Earning my living as a teaching artist has meant moving from place to place, school to school. Sometimes, I took my children out of school and out of state for weeks at a time to travel along with me. There were also times where I left the country and worked and the children were in someone else’s care. Whose mom does that? Whose mom speaks French to strange people from strange places and rehearses poems and plays in the middle of the living room floor? Whose mom hosts family parties with storytelling and card games and dominoes and three aunties simultaneously cooking in the kitchen while live sax and congas play on the front porch and…
Yes. That was and is our life. And even though there were more aggravating calls from teachers and awkward conferences with school principals than I prefer to remember, the payoff of living artfully was and remains worth every challenge and sacrifice. For me, the glory is in watching my children all grow into becoming their own individual, compassionate, expressive people. More than anything, it amazes me what critical thinkers they are, whether it is discussing the after-dinner movie or a crucial family issue. I live among a bunch of “tribal chiefs.” No one is a follower at all. They have interesting ways of yielding to one another, but no one does things simply to please or be accepted by peers. In this world-wide-web age that has taken “keeping up with the Jones’” to astonishing new levels, I take satisfaction in having raised young people who honor and value themselves while compassionately respecting the differences in others. It is a real accomplishment.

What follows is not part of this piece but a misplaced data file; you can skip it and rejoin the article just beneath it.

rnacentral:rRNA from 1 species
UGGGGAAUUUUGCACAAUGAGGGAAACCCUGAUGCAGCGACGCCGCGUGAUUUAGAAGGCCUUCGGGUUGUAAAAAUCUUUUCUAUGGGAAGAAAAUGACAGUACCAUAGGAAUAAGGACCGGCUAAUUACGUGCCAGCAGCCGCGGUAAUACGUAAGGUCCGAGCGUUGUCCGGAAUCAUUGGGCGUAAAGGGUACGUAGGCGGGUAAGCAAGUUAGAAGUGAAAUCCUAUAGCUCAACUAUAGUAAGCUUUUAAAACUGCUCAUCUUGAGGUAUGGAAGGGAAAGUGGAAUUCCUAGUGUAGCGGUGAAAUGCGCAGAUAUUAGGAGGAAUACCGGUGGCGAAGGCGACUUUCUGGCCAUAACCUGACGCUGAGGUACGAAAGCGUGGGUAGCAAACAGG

Even with most of the children now living on their own, the ripple effect that art has had in their lives is endless. I no longer have to lead. I watch as they build their own independent relationships, shape their careers, and build their homes. I see them argue over the latest movie and discuss what the director could have done better, huddle over the recipe book to make homemade banana pudding from scratch, gather together for a dance recital, stage play, or a Scrabble championship. I see my older children encourage Last Born to be himself, use his mind, and be fearless. I see them and delight in knowing that far beyond their poems, paintings and dances, they are making their lives their finest compositions.